Not a giant, but he will eat good. 


My book makes a great gift for those who like to hunt.  Click on the book to order from Amazon, or go to my website, (

Good hunting, good fishing, and good luck, Hank

Walleye Galore on Lake Francis Case

Lake Francis Case is the large, gently winding reservoir behind Fort Randall Dam on the Missouri River in south-central South Dakota. The lake has an area of 102,000 acres and a maximum depth of 140 feet. Lake Francis Case covers just over 100 miles and has a shoreline of 540 miles.

That is how you get your wife to go fishing with you.  Our guide and good friend is in the background.

A good friend and his wife had just come back from a two day fishing trip and gave an outstanding recommendation for a guide, using his boat and equipment, and a lodge to stay at.  The pictures they had were of some excellent walleye fishing.  The fish caught were not big lunkers, but really nice size  fish in the 15 to 18 inch class.  These fillet out really nice and fry up even better. 

Fort Randall Dam, South Dakota.jpg

Picture is produced by Harry Weddington, U.S. Army Corps of Engineers – U.S. Army Corp of Engineers Digital Visual Library

The Fort Randall Dam is located within sight of its namesake Fort Randall, an early U.S. Army Frontier Post. Fort Randall Dam is one of six Missouri River dams.  The next dam upstream is Big Bend Dam near Fort Thompson and the next dam downstream is Gavins Point near Yankton. The dam forms the southern end of the lake with the northern end at Chamberlain, SD that form Lake Sharpe.

Comfortable room and lodge area made this a great place to stay. 

Upon contacting the people at Platte Creek Lodge and Guide Service in Platte, SD, there was an opening for two days of fishing with a guide and a room.  We grabbed it.  Pam could not go along due to another commitment and was terribly disappointed as she really likes to hammer walleye.

Arriving late afternoon, We met our guide and we talked about the next morning.  We would depart for the lake at 7 a.m.

For meals a person could drive into town as there were restaurants open in the morning for breakfast and dinner.  A person could bring his own food and fix it at the lodge.  We just grabbed some TV dinners for breakfast and dinner along with snacks for the afternoon and that worked well for us.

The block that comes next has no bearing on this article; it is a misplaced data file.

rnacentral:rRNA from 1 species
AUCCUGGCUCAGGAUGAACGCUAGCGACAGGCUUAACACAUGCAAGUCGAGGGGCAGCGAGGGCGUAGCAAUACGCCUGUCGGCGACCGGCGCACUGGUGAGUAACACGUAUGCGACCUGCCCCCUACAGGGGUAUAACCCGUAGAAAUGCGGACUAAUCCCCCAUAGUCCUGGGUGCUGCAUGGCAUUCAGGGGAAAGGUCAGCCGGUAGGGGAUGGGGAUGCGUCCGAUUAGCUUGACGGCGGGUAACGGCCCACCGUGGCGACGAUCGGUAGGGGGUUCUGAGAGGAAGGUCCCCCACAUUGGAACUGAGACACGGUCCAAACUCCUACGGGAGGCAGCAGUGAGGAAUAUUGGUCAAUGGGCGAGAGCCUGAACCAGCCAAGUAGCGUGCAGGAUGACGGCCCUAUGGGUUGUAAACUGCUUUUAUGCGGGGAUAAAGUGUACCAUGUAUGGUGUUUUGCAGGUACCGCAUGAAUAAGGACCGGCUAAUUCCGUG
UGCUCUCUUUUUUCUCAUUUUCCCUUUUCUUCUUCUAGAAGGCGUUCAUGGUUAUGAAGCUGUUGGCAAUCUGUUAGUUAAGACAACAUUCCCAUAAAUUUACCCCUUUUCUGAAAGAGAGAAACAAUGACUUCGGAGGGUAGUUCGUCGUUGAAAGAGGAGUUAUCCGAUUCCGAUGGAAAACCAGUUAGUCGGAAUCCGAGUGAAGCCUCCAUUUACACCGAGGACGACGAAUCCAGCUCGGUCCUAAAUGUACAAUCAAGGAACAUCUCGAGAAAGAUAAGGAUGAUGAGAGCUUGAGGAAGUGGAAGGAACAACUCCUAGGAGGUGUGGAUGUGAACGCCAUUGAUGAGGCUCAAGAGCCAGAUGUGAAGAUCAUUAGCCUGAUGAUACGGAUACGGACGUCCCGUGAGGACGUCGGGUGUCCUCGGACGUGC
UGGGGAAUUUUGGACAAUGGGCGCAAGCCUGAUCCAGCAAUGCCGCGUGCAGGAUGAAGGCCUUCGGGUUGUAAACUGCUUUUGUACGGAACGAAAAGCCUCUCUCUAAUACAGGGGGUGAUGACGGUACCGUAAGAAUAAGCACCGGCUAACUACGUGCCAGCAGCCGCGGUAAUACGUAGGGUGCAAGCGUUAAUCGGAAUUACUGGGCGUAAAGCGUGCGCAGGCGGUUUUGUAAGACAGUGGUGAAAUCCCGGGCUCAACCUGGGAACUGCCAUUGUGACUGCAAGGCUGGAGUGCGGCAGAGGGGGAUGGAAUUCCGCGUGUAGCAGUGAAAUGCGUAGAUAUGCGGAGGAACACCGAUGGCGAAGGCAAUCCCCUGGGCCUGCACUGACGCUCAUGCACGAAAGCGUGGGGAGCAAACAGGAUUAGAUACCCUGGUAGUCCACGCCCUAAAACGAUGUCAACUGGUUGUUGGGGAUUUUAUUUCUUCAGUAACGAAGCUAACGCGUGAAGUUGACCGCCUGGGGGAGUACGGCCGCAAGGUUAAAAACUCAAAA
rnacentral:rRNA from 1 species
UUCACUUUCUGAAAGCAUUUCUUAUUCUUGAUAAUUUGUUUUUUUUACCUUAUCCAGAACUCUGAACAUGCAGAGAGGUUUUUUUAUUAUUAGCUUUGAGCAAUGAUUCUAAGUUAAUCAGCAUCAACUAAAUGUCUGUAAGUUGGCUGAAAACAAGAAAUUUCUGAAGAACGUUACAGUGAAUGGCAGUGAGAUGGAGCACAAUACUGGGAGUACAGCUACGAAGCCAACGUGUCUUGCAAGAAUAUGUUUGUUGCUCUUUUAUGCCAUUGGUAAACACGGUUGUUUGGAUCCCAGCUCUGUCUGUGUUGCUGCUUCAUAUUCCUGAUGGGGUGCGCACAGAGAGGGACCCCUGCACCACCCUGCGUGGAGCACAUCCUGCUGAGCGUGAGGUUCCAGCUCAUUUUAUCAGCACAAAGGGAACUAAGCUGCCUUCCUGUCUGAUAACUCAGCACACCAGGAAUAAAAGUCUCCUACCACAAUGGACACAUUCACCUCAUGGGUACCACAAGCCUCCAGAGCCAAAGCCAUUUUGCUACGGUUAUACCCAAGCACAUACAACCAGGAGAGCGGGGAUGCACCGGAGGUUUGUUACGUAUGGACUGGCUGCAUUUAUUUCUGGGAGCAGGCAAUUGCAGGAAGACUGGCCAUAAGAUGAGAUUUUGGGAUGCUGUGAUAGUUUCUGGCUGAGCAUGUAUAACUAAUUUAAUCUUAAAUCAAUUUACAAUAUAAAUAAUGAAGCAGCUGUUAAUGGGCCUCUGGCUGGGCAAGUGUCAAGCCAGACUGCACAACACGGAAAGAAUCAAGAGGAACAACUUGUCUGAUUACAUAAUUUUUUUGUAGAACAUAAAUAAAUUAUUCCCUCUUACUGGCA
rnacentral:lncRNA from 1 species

This is where we hung out and sat and watched TV in the checkered chair with the brown pillow.  Tables are to the right and another dining room in front of me for other people cooking their own meals.  

The boat shown below was the boat we would be fishing in the next morning.  Wow, a new 19 foot+ Lund purchased in January the year before.  This boat had it all.  Eighty pound thrust trolling motor on the bow that unfolded down into the water electrically and pulled itself back out when it was time to go.  The best part was it was controlled automatically by the Hummingbird graph at the drivers seat.  Set the depth and the motor kept the boat moving along at that depth.  This was hands free fishing.  Two 4 stroke engines were mounted on the rear.  One was a 200 hp Mercury and the other was a 15 hp Mercury.  Both were totally controlled at the drivers spot for steering and running the fuel.  This was way more boat than I own.

This boat would really move when it was opened up and the seats had a suspension system that kept the ride really smooth. 

Next morning it was off to the lake.  When we got to the boat ramp area we were fourth in line for a single boat ramp.  Boats were piling up behind us and boats were floating just off the single dock waiting for the driver of the truck to come in from the parking to mount up and ride off into the morning light. The big boat came right off and I drove the trailer up to the parking area and hustled down to the dock. We were off, and oh how this boat would fly over the water with just the three of us in it and the 200 horses pushing us along!  (I keep talking about the boat, but it was exciting.  Plus, I don’t have to maintain it.)

My first view of Lake Francis Case. 

Highway 44 out of Platte, SD crosses over the lake.  To our left is a campground where we would launch the boat.  The area has 5 boat ramp areas. 

I shot a quick pic trying to get a shot of the traffic, but we were so hurried that this is the best I could do.  I have never seen so many people lining up to get onto the lake.  It is the end of May and this lake is really popular. 

My guide said the lake was about  normal and he has lived in the area all his life.  In the water we were off and flying over the water.  Moving to the east bank he set the depth at 10 feet for the motor and graph to keep us at that depth just following the shoreline.  

There is that Hummingbird telling the trolling motor where to go.  How sweet it is! 

We started immediately picking up fish, not real rapidly but enough to pay attention.  Each of us fished with two rods in rod holders on each side of the boat.  This was a new experience for me, as I have always run the trolling motor, watched the graph, and operated one rod.  Wow, gentleman fishing is what was taking place.  At my age, I need all of this I can take.  Pam really liked it as there was no work to do.  

The fish we picked up were below the 15 inch minimum.  But we picked up a lot and it was relatively constant.  This is a great sign for the lake, as all those small fish grow into big fish. A couple of decades ago a close friend and I fished Waubay Lake in the Glacial Lakes area and would pick up 50 to 100 fish a day all below the legal limit.  It was fun catching a lot of fish.  Next year we picked up a limit a piece in less than half a day.  This will happen here.  Good for the minimum.